How to tell Intel code from Universal

You won’t be able to get your hands on an Apple Silicon Mac for a few months yet, but you no doubt want to check which of your apps are already Universal, and include code to enable them to run native on both Intel and Apple Silicon Macs. Until you are running macOS 11 Big Sur, inspecting them in the Finder’s Get Info dialog tells you nothing about this. This article explains how you can check on Catalina and earlier.


Simplest is using my free utility ArchiChect, which shows in the first row of checkboxes which processor architectures an app supports. This information is also duplicated in the codesign check reported in detail in the scrolling text view below, where it says
Format=app bundle with Mach-O universal (x86_64 arm64)

Terminal also provides two useful commands for checking the platforms supported by executable code: file and lipo. You can’t use these on the app folder itself, but need to pass the file containing executable code instead. For example,
should return something like
LockRattler: Mach-O universal binary with 2 architectures: [x86_64:Mach-O 64-bit executable x86_64] [arm64:Mach-O 64-bit executable arm64]
LockRattler (for architecture x86_64): Mach-O 64-bit executable x86_64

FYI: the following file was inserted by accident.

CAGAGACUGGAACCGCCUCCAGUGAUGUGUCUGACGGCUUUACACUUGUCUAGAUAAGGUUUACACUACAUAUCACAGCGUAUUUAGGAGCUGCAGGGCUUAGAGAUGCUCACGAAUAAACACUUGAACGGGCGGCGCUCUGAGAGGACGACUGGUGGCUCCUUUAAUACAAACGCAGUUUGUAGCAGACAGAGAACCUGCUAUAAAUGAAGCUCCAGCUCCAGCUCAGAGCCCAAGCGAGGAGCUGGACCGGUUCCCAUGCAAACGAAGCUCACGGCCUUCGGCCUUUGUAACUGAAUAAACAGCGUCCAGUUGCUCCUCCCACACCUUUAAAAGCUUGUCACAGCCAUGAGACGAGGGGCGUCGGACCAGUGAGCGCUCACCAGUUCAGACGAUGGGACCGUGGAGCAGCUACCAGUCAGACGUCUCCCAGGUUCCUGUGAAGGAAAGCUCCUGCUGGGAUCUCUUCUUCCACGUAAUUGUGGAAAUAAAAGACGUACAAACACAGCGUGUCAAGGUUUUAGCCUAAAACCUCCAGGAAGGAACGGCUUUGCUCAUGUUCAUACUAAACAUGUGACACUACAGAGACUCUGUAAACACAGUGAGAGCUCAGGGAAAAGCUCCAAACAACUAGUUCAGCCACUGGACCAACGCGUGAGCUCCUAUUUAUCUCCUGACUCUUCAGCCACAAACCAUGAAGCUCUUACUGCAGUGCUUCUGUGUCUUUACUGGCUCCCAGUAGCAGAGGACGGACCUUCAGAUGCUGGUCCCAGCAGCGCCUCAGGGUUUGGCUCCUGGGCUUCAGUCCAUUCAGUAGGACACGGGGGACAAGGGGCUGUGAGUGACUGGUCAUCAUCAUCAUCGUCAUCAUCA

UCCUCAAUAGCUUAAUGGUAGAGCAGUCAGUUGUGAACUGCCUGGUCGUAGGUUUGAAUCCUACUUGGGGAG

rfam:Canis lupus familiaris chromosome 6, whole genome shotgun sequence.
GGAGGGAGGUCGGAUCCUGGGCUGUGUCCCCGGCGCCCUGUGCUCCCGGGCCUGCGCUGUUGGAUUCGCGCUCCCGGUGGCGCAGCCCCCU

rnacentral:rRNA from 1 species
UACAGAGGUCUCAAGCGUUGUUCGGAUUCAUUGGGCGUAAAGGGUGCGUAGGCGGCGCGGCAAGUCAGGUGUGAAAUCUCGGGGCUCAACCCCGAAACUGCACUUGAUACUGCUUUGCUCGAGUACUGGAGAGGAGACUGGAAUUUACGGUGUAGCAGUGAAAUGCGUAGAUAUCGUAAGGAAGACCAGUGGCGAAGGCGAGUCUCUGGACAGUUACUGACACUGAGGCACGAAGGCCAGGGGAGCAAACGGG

LockRattler (for architecture arm64): Mach-O 64-bit executable arm64

Using lipo:
lipo -archs
should return the briefer
x86_64 arm64

If you want to go lower still and inspect the executable code itself, you’ll see the differences immediately.

Executable x86_64 files start with the ‘magic’ bytes CF FA ED FE 07, which when their byte order is rearranged spells FEEDFACF, the ‘magic’ for a Mach-O executable for x86_64. Shortly after that, you’ll see the text PAGEZERO, following which is the single-architecture executable.

Universal files with x86_64 and arm64 support start with the ‘magic’ bytes CA FE BA BE, in that order, which is also the ‘magic’ for a Java class file. Following that is empty padding until you encounter the x86_64 executable, which is introduced using the same ‘magic’ bytes of CF FA ED FE 07, then the text PAGEZERO, and the rest of the executable.

About half way through a Universal file supporting x86_64 and arm64 architectures, you’ll notice the embedded certificates and material which normally come at the end of the executable. Following that is another run of empty padding before you encounter the arm64 executable. That’s introduced using the ‘magic’ bytes of CF FA ED FE 0C which indicates the different architecture, following which is the text PAGEZERO and another complete executable including the embedded certificate information, and finally more empty padding.

There are a few executables which are ‘Universal’ in the sense that they support multiple platforms none of which is arm64. One example is /usr/lib/libobjc.dylib, which lipo reveals supports three architectures – x86_64 x86_64h and i386 – but on an Intel Mac none of those is arm64! If in doubt about an executable, check its supported architectures using lipo rather than relying on ‘magic’ yourself.

Apple provides additional information here.

Thanks to @rosyna for pointing out that executable code which appears to be ‘Universal’ may simply support multiple Intel architectures, and not Apple Silicon. I have amended my initial version to try to make this clearer.